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How on the way he heard two knights, as he lay by night in
a valley, and of their adventures.

AND therewith he armed him.  So right even afore him there met
two knights, the one came froward Camelot, and the other from the
north, and either saluted other.  What tidings at Camelot? said
the one.  By my head, said the other, there have I been and
espied the court of King Arthur, and there is such a fellowship
they may never be broken, and well-nigh all the world holdeth
with Arthur, for there is the flower of chivalry.  Now for this
cause I am riding into the north, to tell our chieftains of the
fellowship that is withholden with King Arthur.  <99>As for that,
said the other knight, I have brought a remedy with me, that is
the greatest poison that ever ye heard speak of, and to Camelot
will I with it, for we have a friend right nigh King Arthur, and
well cherished, that shall poison King Arthur; for so he hath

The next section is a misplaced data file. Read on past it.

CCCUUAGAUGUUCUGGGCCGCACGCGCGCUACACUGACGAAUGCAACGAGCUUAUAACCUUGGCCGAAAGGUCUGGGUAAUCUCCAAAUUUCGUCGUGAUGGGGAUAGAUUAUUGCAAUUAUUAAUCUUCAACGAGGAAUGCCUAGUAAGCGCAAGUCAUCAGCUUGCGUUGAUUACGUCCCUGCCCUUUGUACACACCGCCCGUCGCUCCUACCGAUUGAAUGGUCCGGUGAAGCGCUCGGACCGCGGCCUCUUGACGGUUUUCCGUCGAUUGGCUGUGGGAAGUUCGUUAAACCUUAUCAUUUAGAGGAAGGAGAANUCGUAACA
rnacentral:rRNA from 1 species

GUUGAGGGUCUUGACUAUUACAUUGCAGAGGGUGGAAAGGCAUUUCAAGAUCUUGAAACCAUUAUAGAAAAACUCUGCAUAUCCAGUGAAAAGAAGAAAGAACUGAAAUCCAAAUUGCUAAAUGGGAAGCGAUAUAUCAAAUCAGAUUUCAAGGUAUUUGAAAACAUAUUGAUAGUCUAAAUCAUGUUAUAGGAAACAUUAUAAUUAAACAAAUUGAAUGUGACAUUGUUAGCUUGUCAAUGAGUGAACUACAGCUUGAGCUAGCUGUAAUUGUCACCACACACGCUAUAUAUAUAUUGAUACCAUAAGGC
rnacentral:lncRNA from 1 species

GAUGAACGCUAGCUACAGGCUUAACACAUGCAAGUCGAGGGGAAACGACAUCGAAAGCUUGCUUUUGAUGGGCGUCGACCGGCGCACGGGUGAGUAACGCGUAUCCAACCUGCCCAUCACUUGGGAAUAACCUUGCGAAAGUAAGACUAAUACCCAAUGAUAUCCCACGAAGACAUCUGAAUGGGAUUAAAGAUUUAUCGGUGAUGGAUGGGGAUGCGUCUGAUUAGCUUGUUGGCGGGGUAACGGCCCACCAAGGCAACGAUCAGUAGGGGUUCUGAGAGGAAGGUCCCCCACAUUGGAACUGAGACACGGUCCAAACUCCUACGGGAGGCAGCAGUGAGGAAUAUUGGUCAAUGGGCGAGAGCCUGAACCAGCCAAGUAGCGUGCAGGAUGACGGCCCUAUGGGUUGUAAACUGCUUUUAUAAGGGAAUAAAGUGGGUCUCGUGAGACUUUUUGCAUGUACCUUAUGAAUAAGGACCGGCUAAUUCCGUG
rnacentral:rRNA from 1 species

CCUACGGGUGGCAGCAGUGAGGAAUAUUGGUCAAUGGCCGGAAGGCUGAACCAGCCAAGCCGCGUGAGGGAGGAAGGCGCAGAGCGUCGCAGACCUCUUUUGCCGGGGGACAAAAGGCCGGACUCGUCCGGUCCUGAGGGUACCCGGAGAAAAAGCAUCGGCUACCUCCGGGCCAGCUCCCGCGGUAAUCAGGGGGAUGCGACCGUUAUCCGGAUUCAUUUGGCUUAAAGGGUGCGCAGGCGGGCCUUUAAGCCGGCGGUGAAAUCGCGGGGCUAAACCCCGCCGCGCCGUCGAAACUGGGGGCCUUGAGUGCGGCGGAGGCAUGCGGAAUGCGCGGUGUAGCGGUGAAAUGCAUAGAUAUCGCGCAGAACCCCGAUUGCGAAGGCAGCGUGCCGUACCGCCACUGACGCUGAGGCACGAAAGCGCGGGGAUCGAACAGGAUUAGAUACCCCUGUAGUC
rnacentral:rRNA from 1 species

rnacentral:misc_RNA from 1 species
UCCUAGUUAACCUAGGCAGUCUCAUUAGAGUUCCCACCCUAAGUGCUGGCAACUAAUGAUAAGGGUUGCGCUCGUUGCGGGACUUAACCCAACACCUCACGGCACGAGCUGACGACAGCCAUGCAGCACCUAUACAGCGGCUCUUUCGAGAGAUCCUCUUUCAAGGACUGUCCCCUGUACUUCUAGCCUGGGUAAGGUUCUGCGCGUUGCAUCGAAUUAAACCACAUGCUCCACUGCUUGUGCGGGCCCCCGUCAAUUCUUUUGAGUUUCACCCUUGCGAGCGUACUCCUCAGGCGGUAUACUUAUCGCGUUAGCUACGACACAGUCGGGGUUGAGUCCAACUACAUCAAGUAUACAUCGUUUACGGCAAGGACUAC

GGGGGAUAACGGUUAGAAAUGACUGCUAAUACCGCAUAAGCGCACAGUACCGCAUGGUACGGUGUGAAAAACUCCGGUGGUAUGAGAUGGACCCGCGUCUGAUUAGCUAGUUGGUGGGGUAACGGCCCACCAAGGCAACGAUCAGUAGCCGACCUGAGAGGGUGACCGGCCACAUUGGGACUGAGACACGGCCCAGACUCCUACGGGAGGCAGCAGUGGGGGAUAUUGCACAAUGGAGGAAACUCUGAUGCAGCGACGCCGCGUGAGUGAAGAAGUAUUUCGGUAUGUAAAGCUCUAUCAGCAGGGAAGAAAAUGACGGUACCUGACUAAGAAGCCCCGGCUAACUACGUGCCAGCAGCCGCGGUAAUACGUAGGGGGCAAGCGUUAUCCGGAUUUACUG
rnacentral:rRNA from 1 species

promised our chieftains, and received great gifts for to do it. 
Beware, said the other knight, of Merlin, for he knoweth all
things by the devil's craft.  Therefore will I not let it, said
the knight.  And so they departed asunder.  Anon after Pellinore
made him ready, and his lady, [and] rode toward Camelot; and as
they came by the well there as the wounded knight was and the
lady, there he found the knight, and the lady eaten with lions or
wild beasts, all save the head, wherefore he made great sorrow,
and wept passing sore, and said, Alas! her life might I have
saved; but I was so fierce in my quest, therefore I would not
abide.  Wherefore make ye such dole? said the lady.  I wot not,
said Pellinore, but my heart mourneth sore of the death of her,
for she was a passing fair lady and a young.  Now, will ye do by
mine advice? said the lady, take this knight and let him be
buried in an hermitage, and then take the lady's head and bear it
with you unto Arthur.  So King Pellinore took this dead knight on
his shoulders, and brought him to the hermitage, and charged the
hermit with the corpse, that service should be done for the soul;
and take his harness for your pain.  It shall be done, said the
hermit, as I will answer unto God.